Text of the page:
DESERT TIME -- A JOURNEY THROUGH THE AMERICAN SOUTHWEST
Chapter 23: the color blue
There is a species of fish whose breeding habitat is the size of a desktop. A desktop isn't much space in the world. A schoolroom-sized desk, too, the kind with the chair attached and a shelf underneath where you tuck your books. The habitat is a shelf, really; a lucky triangular bit of stone jutting just so, with two feet or less of lucky water over it. The shelf looks yellow-green with algae and has coppery blotches that may be algae also. One has to look very hard to see that there are fish there: inch-long dark shapes, sometimes curved, sometimes moving.
The fish are Devil's Hole pupfish and this is Devil's Hole. Beyond their shallow habitat is the hole itself, a kind of underwater cave that is, so far, immeasurably deep. Scuba divers have gone three hundred feet down in there and never found bottom. Two scuba divers got lost down there years ago and were never found themselves.
The opening of the hole is fifty feet long and ten feet wide, and the shelf is on one side of it. Otherwise, it goes down. A little way down you can go sideways to a cave, not far from the opening, called Brown's Room, filled half with air and half with water and utterly dark. The fish do go down as far as eighty feet themselves, so the scuba people say; why, no one knows. Only the shallow shelf seems to be useful for most feeding or mating, and beyond that shelf the rock curves out of sight into the depths of the hole like the fundus of a toilet bowl.
In midday that deep water is sapphire netted with black, a clear impossible blue. It lies in a deep setting of gray rock. It has the cool lucency of a jewel. At one edge is that triangular patch the size of a desk, like an imperfection at the edge of the jewel.
All of this -- shelf and hole -- lies at the bottom of a deep, nearly sheer cleft in the rock and you'd never see it at all unless you came close enough to nearly fall in. I fooled around with this, trying to tell how close you'd have to be to see something here besides the gray stones rising at the base of a hill: twenty feet, fifteen, ten, five ... if a fence weren't here you'd have to stop yourself teetering on the brink before you'd look down and see that color lying down there, and then you'd blink, not understanding what it was, for a minute or two.
The water renews itself all the time. It may come from the Spring Mountains forty miles off, or from as far as Pahranagat; from a hundred miles or more, all underground. This is fossil water, again. What it makes possible here is a strange archipelago of life.
Long years ago fish swam upstream through what is dry baking air -- 95 degrees F in April now; presumably Amargosa River water then -- and these fish made a home among the jutting rock shelves around the shallows of what was a lake. When the lake dried they were stranded in Devil's Hole as if it were a kind of tide pool. One is familiar with tide pools. One has seen minnows stranded in them. This one has been here with the pupfish in it for ten thousand years, at least. Left in their island of water they've evolved into a species that is unique in the world: here, and only here they are, with a smaller and more fragile habitat than anything has, anywhere, as far as anyone knows.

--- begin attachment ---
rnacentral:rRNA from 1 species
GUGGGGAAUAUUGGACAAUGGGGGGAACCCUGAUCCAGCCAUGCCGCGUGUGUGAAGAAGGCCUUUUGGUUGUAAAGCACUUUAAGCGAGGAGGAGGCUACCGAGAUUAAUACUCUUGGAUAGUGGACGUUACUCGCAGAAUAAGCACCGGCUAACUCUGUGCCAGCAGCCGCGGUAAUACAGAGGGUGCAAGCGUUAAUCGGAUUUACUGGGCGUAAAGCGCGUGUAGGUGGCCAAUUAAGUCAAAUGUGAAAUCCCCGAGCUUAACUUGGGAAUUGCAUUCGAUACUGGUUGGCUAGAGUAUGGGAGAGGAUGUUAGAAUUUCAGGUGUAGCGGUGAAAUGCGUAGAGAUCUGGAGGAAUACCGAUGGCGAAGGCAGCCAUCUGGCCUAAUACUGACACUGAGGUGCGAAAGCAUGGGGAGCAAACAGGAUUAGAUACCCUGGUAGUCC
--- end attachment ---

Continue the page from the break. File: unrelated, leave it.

The gray foothill that wears Devil's Hole in its flank like a sword wound is between the Spring Mountains and the Amargosa range. Below and to the west the ground levels and pales: the old lake bed paved with alkali dust. Scattered in one corner of this lake bed are bumps of shadow; unmistakably trees. Trees in full leaf. Far away, at the end of the dry lake, are the dark bulks of the Amargosa Mounttains. On the other side of the Amargosas is Death Valley, the dry heart of the dry Mojave, which is going into the third summer of drought, after the driest winter in its recorded history. On this foothill slope the creosotes are nearly transparent, their few leaves gone olive-brown. Between them the hemispherical saltbush shrubs are silvery snarls of leafless twigs. Perhaps they are dead.
Those green trees down there are just as strange as the color of water.
Stranger still: the man who is working there, near his blue Ford pickup, with his hands full of grass and a clipboard under his arm, is a fisheries biologist by profession.
His name is Doug Threloff and he's been here for less than a year. Ash Meadows is a new wildlife refuge as these things go; there isn't much in the way of funds for it yet, and what I've learned in Vegas is that no one there goes out to the desert much, they're far more likely to hop a plane to Boston than to drive an hour and a half out here, so there aren't many visitors. Doug does whatever needs doing most; he's geologist, botanist, maintenance worker, tour leader, researcher, file clerk, educator. The refuge was established in 1984, and includes just under twenty-four thousand acres of ground. The green trees there are ash, mostly; single-leaved ash, velvet ash.
"Ash Meadows is Nevada's version of the Galapagos," he says, right away, and that's what the story is. This is an isolated archipelago; islands of springwater in a sea of rock and alkali dust.
Devil's Hole is the highest water here, in terms of altitude; downslope there are more than thirty seeps and springs. Where the Galapagos has tortoises, Ash Meadows has fish. They are fish that are unique in the world: three species or subspecies of pupfish, plus Ash Meadows speckled dace. And snails: six species of endemic spring snails, four species of tryonia. And insects: a riffle beetle and a naucorid bug. And flowers: a sunray, an ivesia, a gum plant, a milk vetch, a blazing star, a niterwort, an orchid, a bear poppy; big showy flowers in full bloom, island flowers, flowers found nowhere else in the world. There are at least twenty-five plant and animal species in Ash Meadows that are found nowhere else in the world. That's a greater number of endemic plants and animals than are found in any other local area in the United States.